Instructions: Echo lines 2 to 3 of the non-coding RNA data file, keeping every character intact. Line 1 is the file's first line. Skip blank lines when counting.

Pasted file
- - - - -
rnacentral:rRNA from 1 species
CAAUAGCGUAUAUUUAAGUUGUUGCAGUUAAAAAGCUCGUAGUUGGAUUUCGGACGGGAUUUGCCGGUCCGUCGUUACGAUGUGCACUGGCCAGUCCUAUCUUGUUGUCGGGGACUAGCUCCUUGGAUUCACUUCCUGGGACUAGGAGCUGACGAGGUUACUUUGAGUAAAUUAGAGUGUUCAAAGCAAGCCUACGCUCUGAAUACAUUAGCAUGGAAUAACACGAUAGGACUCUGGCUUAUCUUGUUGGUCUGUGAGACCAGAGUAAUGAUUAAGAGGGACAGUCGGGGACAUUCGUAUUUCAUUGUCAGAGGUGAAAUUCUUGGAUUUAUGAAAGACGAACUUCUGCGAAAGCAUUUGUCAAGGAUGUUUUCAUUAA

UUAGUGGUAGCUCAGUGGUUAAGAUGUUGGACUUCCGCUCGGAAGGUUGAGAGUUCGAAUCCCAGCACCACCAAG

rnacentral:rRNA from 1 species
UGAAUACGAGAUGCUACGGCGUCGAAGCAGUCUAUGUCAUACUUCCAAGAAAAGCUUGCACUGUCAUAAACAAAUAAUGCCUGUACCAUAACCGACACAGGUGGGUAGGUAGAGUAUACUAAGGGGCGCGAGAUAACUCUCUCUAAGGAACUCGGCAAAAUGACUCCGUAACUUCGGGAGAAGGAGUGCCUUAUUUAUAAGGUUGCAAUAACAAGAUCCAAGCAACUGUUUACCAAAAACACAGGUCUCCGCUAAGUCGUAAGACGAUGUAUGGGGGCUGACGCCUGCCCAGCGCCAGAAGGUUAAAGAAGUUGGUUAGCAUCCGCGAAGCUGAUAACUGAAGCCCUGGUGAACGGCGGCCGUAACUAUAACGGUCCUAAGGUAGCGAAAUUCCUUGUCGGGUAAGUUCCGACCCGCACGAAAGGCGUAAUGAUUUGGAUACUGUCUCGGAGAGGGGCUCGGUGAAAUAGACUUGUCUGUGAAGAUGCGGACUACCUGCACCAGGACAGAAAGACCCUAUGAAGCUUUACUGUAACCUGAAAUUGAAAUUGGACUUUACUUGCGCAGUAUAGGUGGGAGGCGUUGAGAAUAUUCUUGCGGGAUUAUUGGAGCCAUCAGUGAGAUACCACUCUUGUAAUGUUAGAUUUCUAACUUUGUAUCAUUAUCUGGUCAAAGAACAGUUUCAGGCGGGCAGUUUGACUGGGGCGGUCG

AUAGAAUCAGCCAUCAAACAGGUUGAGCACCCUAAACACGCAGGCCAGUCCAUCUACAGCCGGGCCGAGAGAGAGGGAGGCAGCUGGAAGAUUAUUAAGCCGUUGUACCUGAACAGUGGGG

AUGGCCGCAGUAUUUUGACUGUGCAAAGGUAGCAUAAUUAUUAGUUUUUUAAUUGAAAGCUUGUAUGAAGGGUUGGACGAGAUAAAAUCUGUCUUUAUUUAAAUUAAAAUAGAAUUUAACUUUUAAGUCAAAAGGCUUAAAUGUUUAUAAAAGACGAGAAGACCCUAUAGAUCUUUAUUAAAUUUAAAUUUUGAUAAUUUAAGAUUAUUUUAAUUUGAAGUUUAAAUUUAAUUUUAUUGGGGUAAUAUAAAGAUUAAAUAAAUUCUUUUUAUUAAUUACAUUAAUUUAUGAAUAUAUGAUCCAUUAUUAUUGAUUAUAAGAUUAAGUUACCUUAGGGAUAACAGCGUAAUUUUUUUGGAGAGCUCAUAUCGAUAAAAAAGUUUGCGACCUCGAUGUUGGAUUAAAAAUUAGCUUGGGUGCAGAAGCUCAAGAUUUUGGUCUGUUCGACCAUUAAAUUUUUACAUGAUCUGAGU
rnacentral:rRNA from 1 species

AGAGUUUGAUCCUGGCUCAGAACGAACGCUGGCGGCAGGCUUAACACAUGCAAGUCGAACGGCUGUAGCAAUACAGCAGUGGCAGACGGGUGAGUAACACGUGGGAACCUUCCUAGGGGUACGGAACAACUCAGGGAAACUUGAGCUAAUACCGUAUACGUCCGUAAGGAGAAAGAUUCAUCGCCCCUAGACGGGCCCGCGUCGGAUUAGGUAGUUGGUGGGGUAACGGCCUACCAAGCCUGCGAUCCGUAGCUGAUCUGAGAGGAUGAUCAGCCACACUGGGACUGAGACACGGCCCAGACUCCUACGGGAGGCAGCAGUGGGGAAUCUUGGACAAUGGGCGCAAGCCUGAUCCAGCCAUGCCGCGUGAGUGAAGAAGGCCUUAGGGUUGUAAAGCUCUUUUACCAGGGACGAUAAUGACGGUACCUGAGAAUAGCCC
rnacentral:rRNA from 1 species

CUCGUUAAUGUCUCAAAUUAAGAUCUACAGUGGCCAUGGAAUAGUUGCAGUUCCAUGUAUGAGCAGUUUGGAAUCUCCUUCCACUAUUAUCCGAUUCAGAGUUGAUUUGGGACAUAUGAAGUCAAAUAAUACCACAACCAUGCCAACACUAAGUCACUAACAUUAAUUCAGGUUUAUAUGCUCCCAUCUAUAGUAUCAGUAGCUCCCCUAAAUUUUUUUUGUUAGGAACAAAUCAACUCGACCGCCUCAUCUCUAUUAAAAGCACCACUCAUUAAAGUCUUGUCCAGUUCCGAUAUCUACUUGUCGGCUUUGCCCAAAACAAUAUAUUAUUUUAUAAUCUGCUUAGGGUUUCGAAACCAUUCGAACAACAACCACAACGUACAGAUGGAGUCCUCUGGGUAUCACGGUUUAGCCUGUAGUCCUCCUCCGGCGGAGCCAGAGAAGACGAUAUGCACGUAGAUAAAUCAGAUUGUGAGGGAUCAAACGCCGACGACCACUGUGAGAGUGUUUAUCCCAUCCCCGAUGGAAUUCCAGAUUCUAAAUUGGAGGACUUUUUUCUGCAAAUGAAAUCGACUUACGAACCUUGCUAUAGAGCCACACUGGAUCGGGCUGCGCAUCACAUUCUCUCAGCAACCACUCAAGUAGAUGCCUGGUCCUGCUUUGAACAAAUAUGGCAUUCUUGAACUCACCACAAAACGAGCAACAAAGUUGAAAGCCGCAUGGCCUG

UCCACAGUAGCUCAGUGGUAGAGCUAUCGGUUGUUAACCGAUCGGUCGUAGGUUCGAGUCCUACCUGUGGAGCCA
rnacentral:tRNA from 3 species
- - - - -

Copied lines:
CAAUAGCGUAUAUUUAAGUUGUUGCAGUUAAAAAGCUCGUAGUUGGAUUUCGGACGGGAUUUGCCGGUCCGUCGUUACGAUGUGCACUGGCCAGUCCUAUCUUGUUGUCGGGGACUAGCUCCUUGGAUUCACUUCCUGGGACUAGGAGCUGACGAGGUUACUUUGAGUAAAUUAGAGUGUUCAAAGCAAGCCUACGCUCUGAAUACAUUAGCAUGGAAUAACACGAUAGGACUCUGGCUUAUCUUGUUGGUCUGUGAGACCAGAGUAAUGAUUAAGAGGGACAGUCGGGGACAUUCGUAUUUCAUUGUCAGAGGUGAAAUUCUUGGAUUUAUGAAAGACGAACUUCUGCGAAAGCAUUUGUCAAGGAUGUUUUCAUUAA

UUAGUGGUAGCUCAGUGGUUAAGAUGUUGGACUUCCGCUCGGAAGGUUGAGAGUUCGAAUCCCAGCACCACCAAG